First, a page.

The Bottom Line
Accordingly to the 2013 edition of the New Zealand Winegrowers Annual Report, New Zealand exports its wine to 80 different countries to the tune of more than $1.2 billion, an increase of 22% since 2009. Wine is the country’s biggest crop, so the need for a great vintage is of no small importance – luckily for New Zealand’s bottom line and oenophiles everywhere, all signs point to 2013 being an absolutely legendary year.
On the North Island, which includes the major wine-growing regions of Gisborne, Hawkes Bay, and Martinborough, the growing season got off to a cool start. Spring was marred by severe frosts that hampered early growth, leading to plenty of tense and anxious winemakers and, for some, a lower overall yield. Still, the rest of the season was pretty unremarkable; the weather stayed warm and dry and the vines stayed happy. Harvest came a little earlier than normal but the grapes that were picked were beautiful. Having an ideal season, in both weather and length, means the fruit was expressive and concentrated, with plenty of saliva-inducing acidity and a strong, elegantly structured base.
Down on the South Island, spring got off to a similarly cool start. Frost hampered things in some regions, like Central Otago, but damage was minimal in most areas. Still, some vineyards suffered, including the belonging to the world-renowned Kim Crawford, who lost a reported 20% of his crop, but those losses happened early enough that they were factored into the long-term plans. Crawford told Wine Spectator that he usually thins his crops by 30%, which helps prevent diluting the overall harvest, so in the end the frosts meant little in terms of final product. Summer was dry almost to the point of drought, and while the grapes got enough water to mature, harvest on the South Island was not only early but also a little frantic – different varietals usually mature at staggered intervals, but in 2013 they all crossed the finish line at the same time. To avoid grapes over-ripening or even rotting on the vine, varietals like Sauvignon Blanc that were normally picked over three or so weeks were completely harvested in about 16 days. All the rushing around was a logistical nightmare, but the wine industry is not or the faint of heart, and for most, the stress and frenetic crush paid off.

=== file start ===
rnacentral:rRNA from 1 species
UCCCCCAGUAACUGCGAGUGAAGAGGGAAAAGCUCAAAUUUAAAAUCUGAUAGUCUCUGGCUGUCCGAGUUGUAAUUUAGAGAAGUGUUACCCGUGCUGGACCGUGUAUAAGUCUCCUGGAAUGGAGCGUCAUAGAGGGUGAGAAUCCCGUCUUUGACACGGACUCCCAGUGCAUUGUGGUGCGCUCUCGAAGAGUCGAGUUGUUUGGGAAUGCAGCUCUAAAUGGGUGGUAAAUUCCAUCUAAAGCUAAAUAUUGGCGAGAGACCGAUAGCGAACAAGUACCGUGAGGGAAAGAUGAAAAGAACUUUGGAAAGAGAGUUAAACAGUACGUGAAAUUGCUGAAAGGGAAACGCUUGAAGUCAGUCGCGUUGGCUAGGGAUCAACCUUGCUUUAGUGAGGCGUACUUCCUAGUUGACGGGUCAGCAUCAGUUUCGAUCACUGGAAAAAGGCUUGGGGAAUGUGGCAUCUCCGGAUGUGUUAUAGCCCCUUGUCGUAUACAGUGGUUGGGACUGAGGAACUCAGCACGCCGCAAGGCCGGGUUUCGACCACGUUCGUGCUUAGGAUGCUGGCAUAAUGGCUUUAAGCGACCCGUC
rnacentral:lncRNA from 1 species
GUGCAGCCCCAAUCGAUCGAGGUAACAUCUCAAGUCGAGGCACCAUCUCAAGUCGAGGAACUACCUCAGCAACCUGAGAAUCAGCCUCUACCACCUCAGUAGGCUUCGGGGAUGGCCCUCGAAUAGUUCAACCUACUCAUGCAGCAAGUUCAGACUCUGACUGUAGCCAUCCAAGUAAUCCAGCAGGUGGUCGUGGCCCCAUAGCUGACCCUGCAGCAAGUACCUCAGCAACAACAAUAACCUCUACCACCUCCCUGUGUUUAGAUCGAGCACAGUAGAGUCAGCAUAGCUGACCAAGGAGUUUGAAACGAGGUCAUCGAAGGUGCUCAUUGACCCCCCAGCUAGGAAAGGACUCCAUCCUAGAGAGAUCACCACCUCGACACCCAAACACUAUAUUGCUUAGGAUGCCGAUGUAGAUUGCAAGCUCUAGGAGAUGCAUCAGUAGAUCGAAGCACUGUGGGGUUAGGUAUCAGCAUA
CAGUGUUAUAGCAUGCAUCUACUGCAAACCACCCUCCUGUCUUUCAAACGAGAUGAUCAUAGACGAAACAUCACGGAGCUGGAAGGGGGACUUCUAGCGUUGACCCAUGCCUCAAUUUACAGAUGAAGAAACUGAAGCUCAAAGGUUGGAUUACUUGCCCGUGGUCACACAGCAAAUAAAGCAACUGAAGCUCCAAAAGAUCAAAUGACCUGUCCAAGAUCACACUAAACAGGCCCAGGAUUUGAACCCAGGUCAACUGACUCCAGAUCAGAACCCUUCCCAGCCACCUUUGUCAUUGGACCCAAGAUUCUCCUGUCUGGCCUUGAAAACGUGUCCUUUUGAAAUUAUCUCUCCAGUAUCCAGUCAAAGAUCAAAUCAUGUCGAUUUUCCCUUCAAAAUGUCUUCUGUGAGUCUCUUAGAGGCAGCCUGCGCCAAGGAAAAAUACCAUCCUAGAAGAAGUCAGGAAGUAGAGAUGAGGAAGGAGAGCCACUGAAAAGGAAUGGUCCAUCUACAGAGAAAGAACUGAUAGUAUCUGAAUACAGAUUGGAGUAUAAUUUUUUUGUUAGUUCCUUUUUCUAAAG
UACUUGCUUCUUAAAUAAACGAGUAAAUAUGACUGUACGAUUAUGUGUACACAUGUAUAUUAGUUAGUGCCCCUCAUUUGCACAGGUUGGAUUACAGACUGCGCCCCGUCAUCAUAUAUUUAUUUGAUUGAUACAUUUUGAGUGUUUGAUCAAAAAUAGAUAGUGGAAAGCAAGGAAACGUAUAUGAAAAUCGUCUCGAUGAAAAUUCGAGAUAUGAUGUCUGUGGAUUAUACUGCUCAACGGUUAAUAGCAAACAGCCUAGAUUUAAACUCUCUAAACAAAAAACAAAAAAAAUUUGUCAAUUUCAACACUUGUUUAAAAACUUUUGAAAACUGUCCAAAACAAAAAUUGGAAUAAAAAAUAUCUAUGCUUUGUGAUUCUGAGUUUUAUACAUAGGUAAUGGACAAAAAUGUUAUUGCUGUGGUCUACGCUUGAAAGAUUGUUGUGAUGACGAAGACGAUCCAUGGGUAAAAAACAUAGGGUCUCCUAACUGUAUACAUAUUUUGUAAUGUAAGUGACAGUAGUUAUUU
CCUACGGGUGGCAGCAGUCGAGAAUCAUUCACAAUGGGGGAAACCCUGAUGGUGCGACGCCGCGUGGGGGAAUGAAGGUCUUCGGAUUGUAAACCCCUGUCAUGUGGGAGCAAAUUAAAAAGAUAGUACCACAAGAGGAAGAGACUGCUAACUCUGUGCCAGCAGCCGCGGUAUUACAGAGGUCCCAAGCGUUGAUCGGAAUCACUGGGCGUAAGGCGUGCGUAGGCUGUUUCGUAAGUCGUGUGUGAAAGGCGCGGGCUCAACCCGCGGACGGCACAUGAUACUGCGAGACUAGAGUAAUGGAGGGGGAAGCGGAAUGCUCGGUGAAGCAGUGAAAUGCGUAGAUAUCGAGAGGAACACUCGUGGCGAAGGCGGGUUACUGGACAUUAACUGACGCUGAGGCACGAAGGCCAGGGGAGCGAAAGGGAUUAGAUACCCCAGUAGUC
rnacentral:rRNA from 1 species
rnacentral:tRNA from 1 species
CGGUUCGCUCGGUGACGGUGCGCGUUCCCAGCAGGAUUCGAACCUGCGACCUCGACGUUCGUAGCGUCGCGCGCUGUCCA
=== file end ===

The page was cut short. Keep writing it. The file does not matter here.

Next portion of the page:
The 2012 vintage in New Zealand was disappointingly small, dealing a huge blow to producers who were largely unable to meet consumer’s demands, so the comparatively high yield in 2013 is putting a lot of smiles on a lot of faces. For the average wine buyer, though, it isn’t just about being able to buy this year’s wine, the questions is: how does it taste? The answer is simple – really, really, good. Pinot Noir and Sauvignon Blanc in particular are showing beautifully. In their best years these varietals show the kind of balance and complexity that keeps you coming back sip after sip, discovering more and more with each caress of the wine against your palate, and that intoxicating effect is very much in evidence here. New Zealand Sauvignon Blanc is sought after for very good reason, and those that crave the varietal’s crisp, high-acidity, wet stone-like qualities will be thrilled. Likewise, the Pinot Noirs are soft and supple, full of the kind of sexy, velvet-like tannins and luscious ripeness only a great vintage produces, and Merlot, Pinot Grigio, and Chardonnay are also having a moment.
2013 in New Zealand was a bit of magic – warm but not too warm, cool but not too cold, dry but never depriving the grapes of the water they needed to arrive at harvest juicy, plump, and primed for picking. The last few vintages in New Zealand were a letdown for everyone involved, but the quality and quantity of wine coming in 2013 should go a long ways towards making up lost ground. Buy early and buy often, and don’t be put off by prices that may seem a little higher than usual; the winemakers know they’ve bottled magic, and you shouldn’t be afraid to pay for the privilege of tasting it.
2012 Lawson’s Dry Hills Reserve Pinot Noir, $30 – This is not a shy version of Pinot Noir. Dip your nose into the glass and you’ll be greeted with a raucous blend of oak and berries, a combination that is continually present throughout the tasting process. It’s juicy, soft, and per usual with high-end Pinot Noirs, infinitely sexy. The concentration is superb as is the interplay between the wine’s sweet and spicy notes.
2010 Brancott Estate Chosen Rows Sauvignon Blanc, $50 – With Chosen Rows, Brancott sought to elevate the standard for New Zealand Sauvignon Blanc, and many would argue they have succeeded. The wine is zesty and herbaceous, full of brambles and spicy accents. The peach and pear flavors are so warm they almost taste like they were soaked and baked in honeycomb, which could make the wine flabby, but the bright, zingy acidity keeps the wine in line. 2010 marked the first release of Chosen Rows and only 3500 bottles were produced; look for bigger things from Brancott, both flavor and production wise, in the future.
2009 Kumeu River Coddington Chardonnay, $37 – If you had a moment of insanity after dinner and decided to scarf down an apple crumble and a peach cobbler with a Mai Tai, you’d start to get an idea of what this delicious Chardonnay tastes like. There’s something comforting about the sweet, baked aspects of the fruit, but that roundness is kept from getting overly stodgy thanks to a vibrant thread of acidity and mineral and cedar notes that hang out on the palate long after the fruit has dissipated.
Featured image from Flickr user https://www.flickr.com/photos/flissphil/55123274